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Astor Place Redesign Plan Aims to be More Pedestrian Friendly

By DNAinfo Staff on January 7, 2011 7:33am

By Jennifer Glickel

DNAinfo Reporter/Producer

EAST VILLAGE — The city proposed a major overhaul of Astor Place and Cooper Square on Thursday that would reconfigure the tangled streets intersecting at the bustling corridor to provide more open space for pedestrians.

The Department of Design and Construction unveiled its redesign before a joint meeting of Community Boards 2 and 3, whose districts both cover the area.

Architects presented a plan that consists of four plaza areas: the Astor Place subway plaza, the Alamo plaza, Cooper Triangle, and the Village plaza.

Just to the north, the space designers call the Alamo plaza, which encompasses the stretch of Astor Place between Lafayette Street and Cooper Square, will be closed to traffic, freeing up the space for pedestrian use surrounding the famous "Alamo" cube sculpture.

The proposed design for Cooper Triangle Park, the area where Third and Fourth avenues converge in Cooper Square, would expand the sidewalks to include more seating and plantings outside the formal park boundaries — which did not sit well with community board members and neighborhood residents.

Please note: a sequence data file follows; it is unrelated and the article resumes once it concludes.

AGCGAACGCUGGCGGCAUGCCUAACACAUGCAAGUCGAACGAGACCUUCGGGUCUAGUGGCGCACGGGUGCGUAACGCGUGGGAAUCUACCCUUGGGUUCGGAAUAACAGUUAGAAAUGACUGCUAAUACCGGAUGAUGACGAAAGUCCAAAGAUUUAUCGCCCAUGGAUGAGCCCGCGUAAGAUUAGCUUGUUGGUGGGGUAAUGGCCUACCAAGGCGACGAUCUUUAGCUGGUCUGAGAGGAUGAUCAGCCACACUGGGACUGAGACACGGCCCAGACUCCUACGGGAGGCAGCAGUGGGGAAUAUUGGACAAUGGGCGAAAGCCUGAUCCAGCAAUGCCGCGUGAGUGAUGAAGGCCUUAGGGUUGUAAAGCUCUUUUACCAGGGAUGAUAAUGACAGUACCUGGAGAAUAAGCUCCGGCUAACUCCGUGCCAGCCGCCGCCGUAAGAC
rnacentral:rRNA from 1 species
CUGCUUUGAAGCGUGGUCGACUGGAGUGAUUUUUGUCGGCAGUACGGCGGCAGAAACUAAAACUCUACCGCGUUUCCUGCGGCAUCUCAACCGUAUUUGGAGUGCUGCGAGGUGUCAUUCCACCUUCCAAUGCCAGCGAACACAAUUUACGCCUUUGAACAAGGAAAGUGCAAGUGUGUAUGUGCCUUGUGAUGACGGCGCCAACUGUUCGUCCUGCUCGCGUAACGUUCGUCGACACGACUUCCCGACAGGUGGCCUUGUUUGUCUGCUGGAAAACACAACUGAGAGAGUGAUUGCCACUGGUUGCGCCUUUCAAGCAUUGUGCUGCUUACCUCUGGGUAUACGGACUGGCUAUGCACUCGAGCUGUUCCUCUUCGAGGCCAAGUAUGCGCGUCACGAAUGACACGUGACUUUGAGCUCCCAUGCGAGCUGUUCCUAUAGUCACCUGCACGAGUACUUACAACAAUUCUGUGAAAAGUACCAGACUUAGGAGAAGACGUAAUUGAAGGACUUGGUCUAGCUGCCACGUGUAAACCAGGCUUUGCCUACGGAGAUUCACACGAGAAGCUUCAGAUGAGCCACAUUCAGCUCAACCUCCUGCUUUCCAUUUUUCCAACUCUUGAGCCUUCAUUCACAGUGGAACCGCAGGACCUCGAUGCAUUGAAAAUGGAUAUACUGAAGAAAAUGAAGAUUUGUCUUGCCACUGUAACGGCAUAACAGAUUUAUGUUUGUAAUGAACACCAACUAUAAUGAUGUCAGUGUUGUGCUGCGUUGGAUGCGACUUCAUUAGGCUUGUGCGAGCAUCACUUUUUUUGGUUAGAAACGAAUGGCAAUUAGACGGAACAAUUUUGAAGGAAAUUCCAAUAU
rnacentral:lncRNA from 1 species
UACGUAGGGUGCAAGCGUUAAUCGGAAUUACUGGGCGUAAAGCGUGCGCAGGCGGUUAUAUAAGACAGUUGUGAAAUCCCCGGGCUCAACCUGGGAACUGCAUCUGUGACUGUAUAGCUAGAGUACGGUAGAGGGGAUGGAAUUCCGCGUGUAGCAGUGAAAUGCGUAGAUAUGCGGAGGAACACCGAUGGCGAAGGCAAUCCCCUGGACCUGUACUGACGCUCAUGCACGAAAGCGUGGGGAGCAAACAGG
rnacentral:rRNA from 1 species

“What we’re afraid of by having public seating outside of a park that can be locked after 11 p.m. or something is that it will become a hangout spot for noisy, drunk hooligans who go out to the surrounding bars,” said David Crane, the chair of Community Board 3’s Transportation Committee.

The last resolution proposed by the two community boards in July 2008 specifically requested that the amount of public seating be limited in the new design to deal with what board members referred to as the “nightlife issue.”

“It’s beautiful, but it’s as if the meeting we had with you two years ago did not exist. We need beauty balanced by the needs of this community,” said Susan Stetzer the CB3 district manager.

“You were going to enlarge the park, but you didn’t actually enlarge the park, you just created seating outside of the park. We specifically asked for a design that would not encourage this problem, and you went in a different direction,” Stetzer said in addressing the plan’s designers, as well as DOT and Parks representatives at Thursday night’s meeting.

The design proposal was ultimately passed unanimously by both community boards to exclude the southern permanent seating outside of the proposed Cooper Triangle Park south of Seventh Street.